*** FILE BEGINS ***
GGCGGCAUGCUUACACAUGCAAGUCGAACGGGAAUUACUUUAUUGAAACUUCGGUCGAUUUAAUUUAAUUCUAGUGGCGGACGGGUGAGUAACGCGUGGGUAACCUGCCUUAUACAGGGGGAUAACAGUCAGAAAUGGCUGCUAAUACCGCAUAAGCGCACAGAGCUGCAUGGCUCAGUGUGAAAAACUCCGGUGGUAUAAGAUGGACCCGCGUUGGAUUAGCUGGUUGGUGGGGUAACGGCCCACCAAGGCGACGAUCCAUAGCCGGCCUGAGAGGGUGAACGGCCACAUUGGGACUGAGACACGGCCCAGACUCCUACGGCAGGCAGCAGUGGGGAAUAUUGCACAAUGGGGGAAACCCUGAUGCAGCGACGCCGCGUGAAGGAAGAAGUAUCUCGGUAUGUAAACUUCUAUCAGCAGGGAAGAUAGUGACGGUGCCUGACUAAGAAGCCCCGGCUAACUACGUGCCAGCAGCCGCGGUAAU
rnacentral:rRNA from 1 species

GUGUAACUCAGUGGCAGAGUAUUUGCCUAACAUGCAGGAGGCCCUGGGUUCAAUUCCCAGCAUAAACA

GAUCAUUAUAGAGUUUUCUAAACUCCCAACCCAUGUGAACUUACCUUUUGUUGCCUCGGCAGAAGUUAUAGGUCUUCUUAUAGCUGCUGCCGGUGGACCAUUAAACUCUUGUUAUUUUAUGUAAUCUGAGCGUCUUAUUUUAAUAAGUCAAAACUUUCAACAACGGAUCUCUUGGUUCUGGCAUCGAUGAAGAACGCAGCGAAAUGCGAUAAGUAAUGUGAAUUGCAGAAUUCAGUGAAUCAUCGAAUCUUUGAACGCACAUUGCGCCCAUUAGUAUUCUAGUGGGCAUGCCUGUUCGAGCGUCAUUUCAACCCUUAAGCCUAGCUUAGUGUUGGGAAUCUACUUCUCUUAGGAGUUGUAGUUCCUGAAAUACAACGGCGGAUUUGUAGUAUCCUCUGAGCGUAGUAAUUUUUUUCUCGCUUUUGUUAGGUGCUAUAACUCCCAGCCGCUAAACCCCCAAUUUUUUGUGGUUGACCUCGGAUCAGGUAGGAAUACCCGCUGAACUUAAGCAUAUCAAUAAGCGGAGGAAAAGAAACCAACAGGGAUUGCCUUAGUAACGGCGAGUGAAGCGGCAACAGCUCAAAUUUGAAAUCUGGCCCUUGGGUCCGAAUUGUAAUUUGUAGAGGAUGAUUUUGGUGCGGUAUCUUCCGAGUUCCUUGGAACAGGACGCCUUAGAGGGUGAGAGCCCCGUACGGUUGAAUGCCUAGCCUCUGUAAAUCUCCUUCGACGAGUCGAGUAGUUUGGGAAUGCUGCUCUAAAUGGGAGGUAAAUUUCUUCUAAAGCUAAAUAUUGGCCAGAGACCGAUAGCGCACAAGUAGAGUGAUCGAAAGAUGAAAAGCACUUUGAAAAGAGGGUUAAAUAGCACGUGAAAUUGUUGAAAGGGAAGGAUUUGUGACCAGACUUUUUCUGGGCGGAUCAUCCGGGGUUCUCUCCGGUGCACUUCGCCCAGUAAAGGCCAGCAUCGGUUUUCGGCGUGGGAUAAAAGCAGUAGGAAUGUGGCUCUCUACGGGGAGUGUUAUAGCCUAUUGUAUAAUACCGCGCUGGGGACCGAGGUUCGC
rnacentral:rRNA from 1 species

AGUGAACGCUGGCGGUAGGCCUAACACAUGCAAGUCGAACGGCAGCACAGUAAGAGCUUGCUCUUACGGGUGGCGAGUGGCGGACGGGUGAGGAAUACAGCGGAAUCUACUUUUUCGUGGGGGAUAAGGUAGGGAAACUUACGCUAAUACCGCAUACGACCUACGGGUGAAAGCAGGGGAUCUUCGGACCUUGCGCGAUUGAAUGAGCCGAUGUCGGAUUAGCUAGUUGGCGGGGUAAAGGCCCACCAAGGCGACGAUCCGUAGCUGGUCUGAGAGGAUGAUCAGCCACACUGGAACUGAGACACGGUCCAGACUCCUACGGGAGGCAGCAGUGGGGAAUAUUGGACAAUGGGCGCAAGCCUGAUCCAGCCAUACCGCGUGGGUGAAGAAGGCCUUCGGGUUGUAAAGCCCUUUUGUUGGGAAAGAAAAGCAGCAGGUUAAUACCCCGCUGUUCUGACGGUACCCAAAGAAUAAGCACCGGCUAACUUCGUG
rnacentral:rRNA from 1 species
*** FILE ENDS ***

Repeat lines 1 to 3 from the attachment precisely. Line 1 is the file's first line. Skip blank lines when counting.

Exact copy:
GGCGGCAUGCUUACACAUGCAAGUCGAACGGGAAUUACUUUAUUGAAACUUCGGUCGAUUUAAUUUAAUUCUAGUGGCGGACGGGUGAGUAACGCGUGGGUAACCUGCCUUAUACAGGGGGAUAACAGUCAGAAAUGGCUGCUAAUACCGCAUAAGCGCACAGAGCUGCAUGGCUCAGUGUGAAAAACUCCGGUGGUAUAAGAUGGACCCGCGUUGGAUUAGCUGGUUGGUGGGGUAACGGCCCACCAAGGCGACGAUCCAUAGCCGGCCUGAGAGGGUGAACGGCCACAUUGGGACUGAGACACGGCCCAGACUCCUACGGCAGGCAGCAGUGGGGAAUAUUGCACAAUGGGGGAAACCCUGAUGCAGCGACGCCGCGUGAAGGAAGAAGUAUCUCGGUAUGUAAACUUCUAUCAGCAGGGAAGAUAGUGACGGUGCCUGACUAAGAAGCCCCGGCUAACUACGUGCCAGCAGCCGCGGUAAU
rnacentral:rRNA from 1 species

GUGUAACUCAGUGGCAGAGUAUUUGCCUAACAUGCAGGAGGCCCUGGGUUCAAUUCCCAGCAUAAACA